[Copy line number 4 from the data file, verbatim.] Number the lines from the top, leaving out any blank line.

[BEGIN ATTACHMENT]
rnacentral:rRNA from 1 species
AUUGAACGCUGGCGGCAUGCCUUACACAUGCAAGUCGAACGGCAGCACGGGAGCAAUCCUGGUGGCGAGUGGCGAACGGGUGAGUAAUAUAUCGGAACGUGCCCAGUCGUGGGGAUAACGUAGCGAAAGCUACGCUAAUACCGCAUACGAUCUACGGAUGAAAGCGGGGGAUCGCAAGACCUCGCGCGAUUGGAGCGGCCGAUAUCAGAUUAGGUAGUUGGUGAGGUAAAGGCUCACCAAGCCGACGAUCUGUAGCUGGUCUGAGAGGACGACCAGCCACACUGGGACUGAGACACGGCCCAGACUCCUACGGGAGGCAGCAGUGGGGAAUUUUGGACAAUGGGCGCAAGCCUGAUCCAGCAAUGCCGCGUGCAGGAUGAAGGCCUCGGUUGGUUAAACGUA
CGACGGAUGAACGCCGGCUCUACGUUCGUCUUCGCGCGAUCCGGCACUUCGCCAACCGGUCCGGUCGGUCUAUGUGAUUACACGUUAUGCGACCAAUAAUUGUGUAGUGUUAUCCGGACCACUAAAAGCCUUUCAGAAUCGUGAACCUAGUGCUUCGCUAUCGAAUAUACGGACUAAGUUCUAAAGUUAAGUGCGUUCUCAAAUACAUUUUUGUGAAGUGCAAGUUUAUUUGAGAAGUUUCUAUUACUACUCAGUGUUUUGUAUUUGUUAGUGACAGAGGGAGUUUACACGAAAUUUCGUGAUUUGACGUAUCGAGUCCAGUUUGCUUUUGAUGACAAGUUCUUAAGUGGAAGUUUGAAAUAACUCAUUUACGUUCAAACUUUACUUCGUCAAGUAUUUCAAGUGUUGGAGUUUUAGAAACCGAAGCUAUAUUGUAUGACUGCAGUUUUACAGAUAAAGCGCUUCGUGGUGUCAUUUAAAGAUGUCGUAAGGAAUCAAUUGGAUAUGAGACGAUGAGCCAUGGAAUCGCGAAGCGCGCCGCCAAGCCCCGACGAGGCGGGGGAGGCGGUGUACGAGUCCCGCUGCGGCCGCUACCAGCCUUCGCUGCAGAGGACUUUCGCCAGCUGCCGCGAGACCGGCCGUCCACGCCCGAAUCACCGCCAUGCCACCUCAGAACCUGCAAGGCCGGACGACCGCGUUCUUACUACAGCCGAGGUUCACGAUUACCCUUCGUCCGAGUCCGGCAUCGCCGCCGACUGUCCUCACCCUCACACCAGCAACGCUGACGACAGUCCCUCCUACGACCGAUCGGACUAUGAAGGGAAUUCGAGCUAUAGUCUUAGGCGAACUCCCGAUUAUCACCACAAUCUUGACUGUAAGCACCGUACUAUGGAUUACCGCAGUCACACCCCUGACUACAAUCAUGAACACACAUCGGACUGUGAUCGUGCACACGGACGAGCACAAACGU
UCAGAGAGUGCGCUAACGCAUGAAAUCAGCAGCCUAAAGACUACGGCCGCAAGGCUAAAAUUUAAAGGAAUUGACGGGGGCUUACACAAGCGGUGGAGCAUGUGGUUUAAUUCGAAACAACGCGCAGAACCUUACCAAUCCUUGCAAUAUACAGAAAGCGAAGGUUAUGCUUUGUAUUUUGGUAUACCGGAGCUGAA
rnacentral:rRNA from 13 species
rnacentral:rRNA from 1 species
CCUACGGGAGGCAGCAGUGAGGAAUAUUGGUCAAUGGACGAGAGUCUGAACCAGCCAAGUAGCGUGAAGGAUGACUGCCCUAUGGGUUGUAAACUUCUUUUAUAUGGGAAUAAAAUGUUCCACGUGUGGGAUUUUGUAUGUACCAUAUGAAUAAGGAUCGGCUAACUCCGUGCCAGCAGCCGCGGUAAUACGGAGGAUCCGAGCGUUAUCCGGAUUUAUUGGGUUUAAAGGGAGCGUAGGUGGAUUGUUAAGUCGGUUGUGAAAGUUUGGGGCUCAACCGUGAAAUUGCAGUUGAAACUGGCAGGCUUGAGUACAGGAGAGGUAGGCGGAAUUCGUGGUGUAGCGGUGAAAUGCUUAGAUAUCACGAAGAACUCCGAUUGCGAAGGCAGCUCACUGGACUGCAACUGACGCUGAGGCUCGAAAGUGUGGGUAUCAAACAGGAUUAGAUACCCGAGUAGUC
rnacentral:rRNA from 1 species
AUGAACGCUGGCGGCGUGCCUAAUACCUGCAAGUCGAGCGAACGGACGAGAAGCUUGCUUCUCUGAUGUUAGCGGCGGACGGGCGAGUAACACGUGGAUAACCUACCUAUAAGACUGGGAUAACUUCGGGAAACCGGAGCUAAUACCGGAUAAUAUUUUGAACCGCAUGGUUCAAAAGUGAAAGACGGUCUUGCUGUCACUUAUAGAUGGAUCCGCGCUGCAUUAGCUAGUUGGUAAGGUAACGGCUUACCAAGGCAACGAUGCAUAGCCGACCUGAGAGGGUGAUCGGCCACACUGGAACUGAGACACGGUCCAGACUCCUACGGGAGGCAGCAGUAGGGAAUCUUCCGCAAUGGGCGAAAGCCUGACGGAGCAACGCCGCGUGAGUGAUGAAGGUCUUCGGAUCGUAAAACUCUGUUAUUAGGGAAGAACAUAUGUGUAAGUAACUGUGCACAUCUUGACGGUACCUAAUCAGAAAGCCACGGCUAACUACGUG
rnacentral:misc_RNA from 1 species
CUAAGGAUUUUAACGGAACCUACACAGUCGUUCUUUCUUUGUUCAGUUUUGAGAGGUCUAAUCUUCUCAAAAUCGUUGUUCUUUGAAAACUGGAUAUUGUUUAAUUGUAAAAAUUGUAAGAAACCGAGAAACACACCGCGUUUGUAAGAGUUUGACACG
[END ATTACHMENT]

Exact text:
UCAGAGAGUGCGCUAACGCAUGAAAUCAGCAGCCUAAAGACUACGGCCGCAAGGCUAAAAUUUAAAGGAAUUGACGGGGGCUUACACAAGCGGUGGAGCAUGUGGUUUAAUUCGAAACAACGCGCAGAACCUUACCAAUCCUUGCAAUAUACAGAAAGCGAAGGUUAUGCUUUGUAUUUUGGUAUACCGGAGCUGAA